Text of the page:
On April 4, 1968, Senator Robert F. Kennedy, Jr., arrived in Indiana tocampaign for the Indiana Democratic presidential primary. As Kennedy prepared to flyfrom an appearance in Muncie to Indianapolis, he learned that civil rights leaderDr. Martin Luther King, Jr., had been shot outside his hotel in Memphis, Tennessee.Before his plane landed in Indianapolis, Kennedy heard the news that King had died.Despite warnings from Indianapolis police that they could not guarantee his safety, and brushing off concerns from his own staff, Kennedy decided to proceed with plansto address an outdoor rally to be held in the heart of the city's African Americancommunity. On that cold and windy evening, Kennedy broke the news of King's death inan impassioned, extemporaneous speech on the need for compassion in the face ofviolence. It has proven to be one of the great speeches in American politicalhistory.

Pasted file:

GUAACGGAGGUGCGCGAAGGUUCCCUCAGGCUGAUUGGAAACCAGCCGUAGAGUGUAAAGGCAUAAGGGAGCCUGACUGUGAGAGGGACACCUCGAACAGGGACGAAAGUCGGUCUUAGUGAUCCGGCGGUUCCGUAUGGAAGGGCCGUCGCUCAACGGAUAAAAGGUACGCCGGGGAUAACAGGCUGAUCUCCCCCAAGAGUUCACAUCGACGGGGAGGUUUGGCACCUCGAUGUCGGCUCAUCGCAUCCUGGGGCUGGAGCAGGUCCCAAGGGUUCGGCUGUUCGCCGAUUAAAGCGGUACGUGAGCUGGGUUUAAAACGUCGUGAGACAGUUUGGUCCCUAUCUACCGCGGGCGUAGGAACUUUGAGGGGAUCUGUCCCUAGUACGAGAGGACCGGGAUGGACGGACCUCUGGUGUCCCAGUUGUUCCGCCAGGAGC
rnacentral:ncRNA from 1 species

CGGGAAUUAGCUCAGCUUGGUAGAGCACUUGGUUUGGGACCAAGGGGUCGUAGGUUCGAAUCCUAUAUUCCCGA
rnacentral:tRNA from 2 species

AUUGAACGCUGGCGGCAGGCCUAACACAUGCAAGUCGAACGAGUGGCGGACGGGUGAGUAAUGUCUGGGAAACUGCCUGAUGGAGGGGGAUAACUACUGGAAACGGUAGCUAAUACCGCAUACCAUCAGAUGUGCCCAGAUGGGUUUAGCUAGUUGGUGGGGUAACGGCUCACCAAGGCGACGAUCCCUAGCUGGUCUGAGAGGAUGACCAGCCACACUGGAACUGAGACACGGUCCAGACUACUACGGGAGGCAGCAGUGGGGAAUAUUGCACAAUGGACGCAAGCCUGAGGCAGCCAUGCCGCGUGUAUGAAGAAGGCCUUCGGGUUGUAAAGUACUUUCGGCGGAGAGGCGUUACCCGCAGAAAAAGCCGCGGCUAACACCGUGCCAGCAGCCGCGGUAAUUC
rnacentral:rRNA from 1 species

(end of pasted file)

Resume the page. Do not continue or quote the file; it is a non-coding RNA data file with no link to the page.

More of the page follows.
Marking the 40th anniversary of Kennedy's Indianapolisspeech, this book explains what brought the politician to Indiana that day, andexplores the characters and events of the 1968 Indiana Democratic presidentialprimary in which Kennedy, who was an underdog, had a decisive victory.